LOGAN — After a morning of jubilation over the prospects of a conference alignment with BYU, Western Athletic Conference schools now find themselves in a giant game of chess as the Mountain West and WAC make moves and countermoves in anticipation of BYU's rumored decision to go independent in football and join another conference — reportedly the WAC — in all other sports.
Instead of a day of celebration in Logan, however, Utah State is once again scrambling to try and find a way to prop up its athletics program.
The silence from Logan — few at USU are willing to make any sort of comment — speaks volumes about the gravity of the situation.
Utah State football coach Gary Andersen did not want to discuss the developments.
"I have plenty of other things to worry about other than things I cannot control," Andersen replied in a text message Wednesday night.
Hawaii's athletic director, Jim Donovan, said the late developments most certainly hurt the WAC. Donovan compared the fast-changing development to "going in for a score and throwing an interception the other way for a TD."
The move of Fresno State and Nevada to the MWC capped a day of rapidly changing news reports from various sources across the country.
One report, allegedly made by ESPN radio in Austin, Texas — you know, the guys who fueled the entire Texas to the Pac-10 drama — and then repeated by 1320 AM's David Locke and others, had UNLV and San Diego State following BYU out of the MWC and joining the WAC for all sports while BYU remained a football independent.
That report, however, appears to be a fraud. The ESPNAustin twitter account site is not an active account and has not had an update in more than eight months.
Other reports from ESPN's Joe Schad and Andy Katz bounced from the WAC winning the battle to the MWC landing the knockout counterpunch.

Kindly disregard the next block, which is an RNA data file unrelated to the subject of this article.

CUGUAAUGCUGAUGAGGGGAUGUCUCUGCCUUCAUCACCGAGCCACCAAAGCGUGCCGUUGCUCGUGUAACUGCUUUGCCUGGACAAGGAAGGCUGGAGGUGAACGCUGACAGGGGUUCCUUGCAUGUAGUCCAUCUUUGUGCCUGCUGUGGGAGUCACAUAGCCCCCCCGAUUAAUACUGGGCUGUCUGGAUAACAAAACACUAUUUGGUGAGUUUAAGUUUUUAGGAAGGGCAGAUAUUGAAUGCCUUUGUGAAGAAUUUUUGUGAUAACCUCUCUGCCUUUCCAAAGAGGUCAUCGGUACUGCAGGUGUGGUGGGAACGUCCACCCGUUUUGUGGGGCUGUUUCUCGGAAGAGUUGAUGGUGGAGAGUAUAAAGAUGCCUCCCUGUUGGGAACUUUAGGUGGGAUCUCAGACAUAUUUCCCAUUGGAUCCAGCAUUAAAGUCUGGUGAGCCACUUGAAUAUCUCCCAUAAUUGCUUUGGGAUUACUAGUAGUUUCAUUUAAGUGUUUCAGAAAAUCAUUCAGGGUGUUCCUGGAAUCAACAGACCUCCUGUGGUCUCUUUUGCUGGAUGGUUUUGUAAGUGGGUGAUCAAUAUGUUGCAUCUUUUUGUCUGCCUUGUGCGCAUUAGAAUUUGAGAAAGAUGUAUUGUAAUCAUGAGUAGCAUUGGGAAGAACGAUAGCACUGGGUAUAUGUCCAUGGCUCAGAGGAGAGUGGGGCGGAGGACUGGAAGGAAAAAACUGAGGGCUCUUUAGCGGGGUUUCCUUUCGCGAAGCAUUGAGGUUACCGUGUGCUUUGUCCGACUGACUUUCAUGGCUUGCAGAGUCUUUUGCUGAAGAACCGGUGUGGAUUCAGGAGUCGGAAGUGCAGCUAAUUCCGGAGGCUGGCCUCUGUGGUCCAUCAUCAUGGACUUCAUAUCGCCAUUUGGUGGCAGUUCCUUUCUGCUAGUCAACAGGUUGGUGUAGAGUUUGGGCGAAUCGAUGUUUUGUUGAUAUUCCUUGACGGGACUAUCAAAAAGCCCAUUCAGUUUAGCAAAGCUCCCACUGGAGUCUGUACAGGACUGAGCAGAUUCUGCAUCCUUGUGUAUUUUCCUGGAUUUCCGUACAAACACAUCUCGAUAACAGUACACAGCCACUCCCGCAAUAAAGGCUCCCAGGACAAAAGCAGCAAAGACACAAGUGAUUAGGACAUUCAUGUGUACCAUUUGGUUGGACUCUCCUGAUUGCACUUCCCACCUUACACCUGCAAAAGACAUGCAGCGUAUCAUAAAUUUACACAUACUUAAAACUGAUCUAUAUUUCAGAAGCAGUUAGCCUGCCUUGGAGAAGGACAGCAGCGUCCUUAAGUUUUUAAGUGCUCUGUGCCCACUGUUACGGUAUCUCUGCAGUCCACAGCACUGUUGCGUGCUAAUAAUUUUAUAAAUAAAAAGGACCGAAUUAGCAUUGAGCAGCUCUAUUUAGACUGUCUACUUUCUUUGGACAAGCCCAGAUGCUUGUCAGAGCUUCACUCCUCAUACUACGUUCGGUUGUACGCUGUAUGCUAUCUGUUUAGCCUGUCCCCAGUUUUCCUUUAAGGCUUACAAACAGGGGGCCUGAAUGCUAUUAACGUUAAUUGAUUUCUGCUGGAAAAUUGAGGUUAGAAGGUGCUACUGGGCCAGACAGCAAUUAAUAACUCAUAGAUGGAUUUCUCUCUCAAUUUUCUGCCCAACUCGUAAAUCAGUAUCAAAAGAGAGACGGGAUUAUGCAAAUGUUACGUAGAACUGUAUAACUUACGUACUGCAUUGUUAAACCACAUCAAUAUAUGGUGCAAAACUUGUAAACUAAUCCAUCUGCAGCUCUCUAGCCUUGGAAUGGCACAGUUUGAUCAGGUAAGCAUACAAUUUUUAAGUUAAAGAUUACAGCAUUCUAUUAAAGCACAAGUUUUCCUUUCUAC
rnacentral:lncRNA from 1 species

In the end, it's the WAC and USU with the bloody nose.
Utah State athletic director Scott Barnes and WAC commissioner Karl Benson did not return phone calls or text messages asking for comment Wednesday night. However, the WAC announced late Wednesday night that Benson will hold a teleconference 11 a.m. Thursday to address the losses.
Fresno State and Nevada both didn't take long in deciding to join Boise State in departing the WAC.
"Fresno State is honored to accept the invitation to join the Mountain West Conference," Fresno State president John Welty said. "We look forward to competition against some universities we have not faced previously and to renewing rivalries with San Diego State, Colorado State and several other schools that we enjoyed previously."
Nevada, which, like Boise State, was a I-AA school not too long ago, has made a similar path to the MWC — just without as much national success.
But the opportunity to follow Fresno State and Boise State — not to mention align themselves with long-time instate rival UNLV — was too much to pass up.
"We have had a great experience in the WAC. We have appreciated the strong competition and the wonderful colleagues," Nevada president Milt Glick said. "The offer to join the Mountain West Conference is an opportunity we cannot turn down. The Mountain West is a strong conference, and this will enhance our natural rivalry with UNLV and continue our rivalry with Boise State. We believe joining this conference is in the best, long-term interests of our fans and program, and also view this invitation as acknowledgement of our work to build a strong, competitive program."
MWC commissioner Craig Thompson said the goal behind the moves was not to make a strike against the WAC in an attempt to influence BYU's decision in regards to football independence.
"We've gotten better with Fresno State and Nevada joining our league," Thompson said.
The WAC, on the other hand, got significantly — and perhaps irrevocably — worse.
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